When social philosophers speak of the “pre-political” nature of marriage, they mean something about both its divine origin and its civilizing attributes. The direct and indirect contributions of these attributes to personal happiness and social order are incalculable.
When they break down, when mutuality (the two sexes, paired and equal in status), exclusivity (fidelity), longevity (lifelong marriage), and intergenerational integrity (think of Alex Haley’s Roots) decline, the losses accumulate. Same-sex marriage did not begin this accumulation, but weigh its character against all four attributes, and the ramifications multiply.
— Chuck Donovan is senior research fellow in the Heritage Foundation’s DeVos Center for Religion and Civil Society.
Matthew J. Franck
The most notable thing about the arrival of same-sex marriage in New York is that it was brought about by legislative and not judicial fiat. But this confers no legitimacy on what is, at root, a fraud. The legislature and the governor broke the procedural norms of the legislative process; broke their oaths to constituents, in the case of some state senators who had pledged a “no” vote in the last election; and broke faith with the people of New York, who deserved a vote at the polls on this question. The institution of marriage is prior in time and importance to constitutions themselves, and like all constitutional questions, this one should have been referred to the people’s direct democracy. New York’s liberal politicians rightly feared a loss in that venue.
What has been gained by the forces behind this act? Certainly not marriage for same-sex couples. They have gained a name, but not the thing it names. They have only destroyed a word’s meaning. And they have harmed the thing it does name, by teaching — one of the things the law does — that marriage has no connection to children and families, but instead is just a bundle of privileges from the government, to be taken up if it is in one’s self-interest. New York has struck a great blow, in the name of a false “right,” against real freedom. Same-sex marriage is inseparable from authoritarianism, as we will see when New York’s Christians, Jews, and Muslims lose the religious freedom to act on the truth about marriage as they know it.
— Matthew J. Franck is director of the William E. and Carol G. Simon Center on Religion and the Constitution at the Witherspoon Institute in Princeton, New Jersey.
Robert P. George
Institutions that speak and act for all of us will inevitably speak and act in ways contrary to the truth about the nature, meaning, and value of marriage. In so speaking and acting, they will reinforce a sexual-revolutionary ideology that has already taken a heavy toll on our society, giving us the divorce culture, widespread non-marital sexual cohabitation, an out-of-wedlock birth rate of more than 40 percent, and other social pathologies. Redefining marriage locks sexual-revolutionary dogma into New York’s public policy in a profound way, making the reform of earlier misguided “reforms” and the rebuilding of a vibrant marriage culture more difficult. Despite the cosmetic protections of “religious liberty,” New York’s “marriage equality” law will result in a wide variety of impositions upon the consciences of New York citizens. In certain domains, it will impose a form of liberal dhimmitude on faithful Catholics, Evangelical Protestants, Eastern Orthodox Christians, Mormons, Orthodox Jews, and devout Muslims. It will certainly make even more daunting the task of parents who are members of these faiths to transmit to their children an understanding of marriage and sexual morality in line with the teachings of their traditions. New York’s legislature did not “expand access” to marriage, while leaving its definition intact; rather, it abolished legal recognition of the reality long known as “marriage” and reassigned the label to something quite different, namely, a form of civil union for romantic-sexual partners (in pairs for now, but that will not hold), be they same-sex or opposite-sex. New York’s governor and legislature can, by purloining a word, call this form of civil union “marriage,” but it will lack what marriage possesses — an inherent, intelligible (not merely sentimental and subjective) basis for the norms of monogamy, sexual fidelity, and the pledge of permanence that structure marriage as historically understood in our law and culture.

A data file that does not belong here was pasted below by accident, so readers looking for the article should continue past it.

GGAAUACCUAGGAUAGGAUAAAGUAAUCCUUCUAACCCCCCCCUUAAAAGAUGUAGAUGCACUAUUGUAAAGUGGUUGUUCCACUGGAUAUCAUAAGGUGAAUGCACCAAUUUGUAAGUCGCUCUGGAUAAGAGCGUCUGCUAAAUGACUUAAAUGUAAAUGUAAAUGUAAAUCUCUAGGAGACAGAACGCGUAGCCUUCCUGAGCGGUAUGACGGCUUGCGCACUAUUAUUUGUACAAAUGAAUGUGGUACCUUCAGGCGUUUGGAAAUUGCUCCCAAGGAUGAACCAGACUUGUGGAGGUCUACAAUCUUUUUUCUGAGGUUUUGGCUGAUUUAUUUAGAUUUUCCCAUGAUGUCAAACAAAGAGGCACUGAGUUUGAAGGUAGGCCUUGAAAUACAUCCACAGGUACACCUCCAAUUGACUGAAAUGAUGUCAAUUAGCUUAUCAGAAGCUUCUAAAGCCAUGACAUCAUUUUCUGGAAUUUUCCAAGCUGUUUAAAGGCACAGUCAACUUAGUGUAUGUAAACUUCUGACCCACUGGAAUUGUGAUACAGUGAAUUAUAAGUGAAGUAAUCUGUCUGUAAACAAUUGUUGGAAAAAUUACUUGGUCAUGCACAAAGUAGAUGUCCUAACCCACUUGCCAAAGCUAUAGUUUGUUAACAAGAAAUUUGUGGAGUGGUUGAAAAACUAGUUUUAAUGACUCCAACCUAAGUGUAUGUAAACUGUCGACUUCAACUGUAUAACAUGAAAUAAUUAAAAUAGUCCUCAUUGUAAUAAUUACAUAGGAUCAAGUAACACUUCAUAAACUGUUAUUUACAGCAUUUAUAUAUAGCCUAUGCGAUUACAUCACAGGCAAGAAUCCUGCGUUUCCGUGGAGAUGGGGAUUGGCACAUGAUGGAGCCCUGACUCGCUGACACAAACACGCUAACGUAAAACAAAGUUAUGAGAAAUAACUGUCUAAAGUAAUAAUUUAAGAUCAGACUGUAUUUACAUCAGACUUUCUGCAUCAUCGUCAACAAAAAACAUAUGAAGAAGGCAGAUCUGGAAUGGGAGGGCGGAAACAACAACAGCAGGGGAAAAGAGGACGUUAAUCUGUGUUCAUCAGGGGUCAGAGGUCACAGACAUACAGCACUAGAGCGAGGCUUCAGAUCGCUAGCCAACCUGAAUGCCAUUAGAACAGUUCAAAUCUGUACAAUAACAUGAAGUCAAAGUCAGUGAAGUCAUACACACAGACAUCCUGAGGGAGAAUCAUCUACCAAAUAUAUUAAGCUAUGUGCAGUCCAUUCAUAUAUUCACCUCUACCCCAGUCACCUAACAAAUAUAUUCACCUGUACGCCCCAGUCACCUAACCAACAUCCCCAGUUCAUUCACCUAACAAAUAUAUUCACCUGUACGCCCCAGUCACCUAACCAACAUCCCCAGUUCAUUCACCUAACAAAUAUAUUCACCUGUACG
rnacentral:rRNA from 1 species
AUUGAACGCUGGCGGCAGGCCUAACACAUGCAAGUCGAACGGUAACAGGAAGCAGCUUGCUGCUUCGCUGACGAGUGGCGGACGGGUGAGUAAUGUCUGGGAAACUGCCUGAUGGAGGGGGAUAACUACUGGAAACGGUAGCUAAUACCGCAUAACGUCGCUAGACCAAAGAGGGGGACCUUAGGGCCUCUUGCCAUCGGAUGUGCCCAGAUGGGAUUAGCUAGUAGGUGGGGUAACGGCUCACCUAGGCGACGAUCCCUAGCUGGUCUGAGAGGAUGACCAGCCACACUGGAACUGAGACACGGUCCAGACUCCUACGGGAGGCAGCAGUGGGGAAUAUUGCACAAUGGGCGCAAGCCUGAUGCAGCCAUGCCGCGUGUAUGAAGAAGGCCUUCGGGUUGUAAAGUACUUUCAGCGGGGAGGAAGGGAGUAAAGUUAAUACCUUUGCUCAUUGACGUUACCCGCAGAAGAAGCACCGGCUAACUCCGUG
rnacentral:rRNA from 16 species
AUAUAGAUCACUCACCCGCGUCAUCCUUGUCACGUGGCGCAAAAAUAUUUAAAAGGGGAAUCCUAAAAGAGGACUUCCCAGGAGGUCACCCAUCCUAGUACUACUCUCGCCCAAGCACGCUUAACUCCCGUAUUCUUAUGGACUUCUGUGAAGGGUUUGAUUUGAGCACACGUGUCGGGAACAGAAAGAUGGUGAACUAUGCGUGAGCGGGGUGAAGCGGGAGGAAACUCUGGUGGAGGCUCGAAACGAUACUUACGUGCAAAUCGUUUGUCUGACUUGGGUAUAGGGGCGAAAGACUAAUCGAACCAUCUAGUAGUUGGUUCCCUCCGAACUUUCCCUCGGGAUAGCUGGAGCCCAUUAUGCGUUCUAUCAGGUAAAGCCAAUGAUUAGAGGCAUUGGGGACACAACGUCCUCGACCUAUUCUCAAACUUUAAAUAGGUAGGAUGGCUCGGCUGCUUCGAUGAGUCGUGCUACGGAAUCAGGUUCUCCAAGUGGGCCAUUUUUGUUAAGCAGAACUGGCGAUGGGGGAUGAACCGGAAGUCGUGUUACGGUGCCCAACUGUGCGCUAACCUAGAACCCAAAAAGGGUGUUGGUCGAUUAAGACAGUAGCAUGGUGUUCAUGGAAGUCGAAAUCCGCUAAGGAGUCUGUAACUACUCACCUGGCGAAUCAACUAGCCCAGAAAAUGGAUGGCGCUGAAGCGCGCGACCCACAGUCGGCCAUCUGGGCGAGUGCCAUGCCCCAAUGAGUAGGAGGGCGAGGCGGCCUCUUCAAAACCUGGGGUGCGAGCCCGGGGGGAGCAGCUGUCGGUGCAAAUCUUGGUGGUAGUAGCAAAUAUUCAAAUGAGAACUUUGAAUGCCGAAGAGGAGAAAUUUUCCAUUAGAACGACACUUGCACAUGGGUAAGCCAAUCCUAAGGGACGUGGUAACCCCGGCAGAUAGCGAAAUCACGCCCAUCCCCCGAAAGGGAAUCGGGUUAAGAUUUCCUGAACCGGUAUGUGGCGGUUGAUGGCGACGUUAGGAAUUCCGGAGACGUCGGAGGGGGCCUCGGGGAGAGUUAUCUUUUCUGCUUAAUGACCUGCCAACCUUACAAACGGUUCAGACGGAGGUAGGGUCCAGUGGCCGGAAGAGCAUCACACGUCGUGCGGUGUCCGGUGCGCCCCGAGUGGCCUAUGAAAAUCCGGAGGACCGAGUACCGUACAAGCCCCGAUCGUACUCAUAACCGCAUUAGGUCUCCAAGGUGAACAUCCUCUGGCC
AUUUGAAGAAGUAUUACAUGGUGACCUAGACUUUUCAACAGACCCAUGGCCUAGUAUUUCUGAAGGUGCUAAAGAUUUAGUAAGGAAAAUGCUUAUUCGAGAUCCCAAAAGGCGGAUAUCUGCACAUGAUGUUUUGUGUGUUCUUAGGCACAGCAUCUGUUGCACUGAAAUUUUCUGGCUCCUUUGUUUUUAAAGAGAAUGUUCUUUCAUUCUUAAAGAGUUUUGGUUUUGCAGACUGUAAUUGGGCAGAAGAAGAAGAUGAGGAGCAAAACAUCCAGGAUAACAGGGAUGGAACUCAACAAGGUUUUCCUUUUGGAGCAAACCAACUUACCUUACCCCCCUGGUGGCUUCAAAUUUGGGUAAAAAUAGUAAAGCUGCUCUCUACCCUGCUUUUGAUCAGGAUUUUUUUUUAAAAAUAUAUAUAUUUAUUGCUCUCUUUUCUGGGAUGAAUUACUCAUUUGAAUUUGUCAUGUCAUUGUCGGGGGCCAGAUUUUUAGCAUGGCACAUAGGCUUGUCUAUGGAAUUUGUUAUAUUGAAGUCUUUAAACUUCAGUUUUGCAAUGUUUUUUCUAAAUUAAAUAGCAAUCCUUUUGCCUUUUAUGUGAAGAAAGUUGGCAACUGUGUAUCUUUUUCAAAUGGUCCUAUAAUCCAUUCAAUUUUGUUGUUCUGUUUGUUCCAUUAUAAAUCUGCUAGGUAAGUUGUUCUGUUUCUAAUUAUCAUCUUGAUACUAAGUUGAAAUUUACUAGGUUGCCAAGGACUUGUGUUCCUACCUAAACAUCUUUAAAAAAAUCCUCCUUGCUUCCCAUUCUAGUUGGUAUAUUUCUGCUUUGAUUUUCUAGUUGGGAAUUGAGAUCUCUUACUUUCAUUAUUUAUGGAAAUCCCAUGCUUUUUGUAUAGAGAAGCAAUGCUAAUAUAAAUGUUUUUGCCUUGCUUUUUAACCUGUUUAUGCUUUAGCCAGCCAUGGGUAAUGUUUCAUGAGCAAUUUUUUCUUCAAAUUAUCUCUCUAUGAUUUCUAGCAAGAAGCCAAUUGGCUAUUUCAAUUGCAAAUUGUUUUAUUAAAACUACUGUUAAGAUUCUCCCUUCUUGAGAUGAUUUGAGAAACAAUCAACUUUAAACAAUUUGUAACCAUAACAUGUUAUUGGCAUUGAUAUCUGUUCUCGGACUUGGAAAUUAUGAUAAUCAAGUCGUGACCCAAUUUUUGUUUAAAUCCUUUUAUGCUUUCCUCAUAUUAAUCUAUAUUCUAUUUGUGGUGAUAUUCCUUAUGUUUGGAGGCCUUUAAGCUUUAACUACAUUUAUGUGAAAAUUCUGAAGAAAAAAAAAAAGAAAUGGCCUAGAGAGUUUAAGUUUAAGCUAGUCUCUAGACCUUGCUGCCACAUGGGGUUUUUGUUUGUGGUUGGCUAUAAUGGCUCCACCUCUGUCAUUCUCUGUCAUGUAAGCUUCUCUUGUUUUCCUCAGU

— Robert P. George is McCormick Professor of Jurisprudence and director of the James Madison Program in American Ideals and Institutions at Princeton University. He talked at length about the New York marriage law and its implications here.